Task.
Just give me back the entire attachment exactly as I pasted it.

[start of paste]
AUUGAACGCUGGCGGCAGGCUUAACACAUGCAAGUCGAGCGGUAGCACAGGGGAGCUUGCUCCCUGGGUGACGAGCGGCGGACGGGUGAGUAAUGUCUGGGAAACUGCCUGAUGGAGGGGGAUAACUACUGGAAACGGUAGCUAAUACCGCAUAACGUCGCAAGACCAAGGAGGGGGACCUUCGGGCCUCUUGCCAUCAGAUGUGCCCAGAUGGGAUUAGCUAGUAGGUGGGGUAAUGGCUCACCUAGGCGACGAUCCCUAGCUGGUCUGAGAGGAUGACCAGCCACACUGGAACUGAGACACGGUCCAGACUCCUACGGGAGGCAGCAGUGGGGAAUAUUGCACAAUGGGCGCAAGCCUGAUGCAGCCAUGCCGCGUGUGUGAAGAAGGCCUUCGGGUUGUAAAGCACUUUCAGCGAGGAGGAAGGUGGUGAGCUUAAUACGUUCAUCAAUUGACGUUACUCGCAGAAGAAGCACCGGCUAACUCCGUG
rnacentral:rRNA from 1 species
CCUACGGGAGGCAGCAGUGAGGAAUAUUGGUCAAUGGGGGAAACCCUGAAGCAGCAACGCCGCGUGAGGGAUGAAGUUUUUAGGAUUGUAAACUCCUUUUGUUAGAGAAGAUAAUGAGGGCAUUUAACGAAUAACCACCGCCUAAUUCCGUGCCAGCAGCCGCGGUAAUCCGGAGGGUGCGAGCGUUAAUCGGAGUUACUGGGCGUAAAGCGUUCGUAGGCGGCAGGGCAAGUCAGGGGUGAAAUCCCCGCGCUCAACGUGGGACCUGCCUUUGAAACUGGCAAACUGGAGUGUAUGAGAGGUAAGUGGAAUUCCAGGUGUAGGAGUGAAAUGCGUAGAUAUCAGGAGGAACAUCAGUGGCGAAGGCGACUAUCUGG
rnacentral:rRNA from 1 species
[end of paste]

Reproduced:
AUUGAACGCUGGCGGCAGGCUUAACACAUGCAAGUCGAGCGGUAGCACAGGGGAGCUUGCUCCCUGGGUGACGAGCGGCGGACGGGUGAGUAAUGUCUGGGAAACUGCCUGAUGGAGGGGGAUAACUACUGGAAACGGUAGCUAAUACCGCAUAACGUCGCAAGACCAAGGAGGGGGACCUUCGGGCCUCUUGCCAUCAGAUGUGCCCAGAUGGGAUUAGCUAGUAGGUGGGGUAAUGGCUCACCUAGGCGACGAUCCCUAGCUGGUCUGAGAGGAUGACCAGCCACACUGGAACUGAGACACGGUCCAGACUCCUACGGGAGGCAGCAGUGGGGAAUAUUGCACAAUGGGCGCAAGCCUGAUGCAGCCAUGCCGCGUGUGUGAAGAAGGCCUUCGGGUUGUAAAGCACUUUCAGCGAGGAGGAAGGUGGUGAGCUUAAUACGUUCAUCAAUUGACGUUACUCGCAGAAGAAGCACCGGCUAACUCCGUG
rnacentral:rRNA from 1 species
CCUACGGGAGGCAGCAGUGAGGAAUAUUGGUCAAUGGGGGAAACCCUGAAGCAGCAACGCCGCGUGAGGGAUGAAGUUUUUAGGAUUGUAAACUCCUUUUGUUAGAGAAGAUAAUGAGGGCAUUUAACGAAUAACCACCGCCUAAUUCCGUGCCAGCAGCCGCGGUAAUCCGGAGGGUGCGAGCGUUAAUCGGAGUUACUGGGCGUAAAGCGUUCGUAGGCGGCAGGGCAAGUCAGGGGUGAAAUCCCCGCGCUCAACGUGGGACCUGCCUUUGAAACUGGCAAACUGGAGUGUAUGAGAGGUAAGUGGAAUUCCAGGUGUAGGAGUGAAAUGCGUAGAUAUCAGGAGGAACAUCAGUGGCGAAGGCGACUAUCUGG
rnacentral:rRNA from 1 species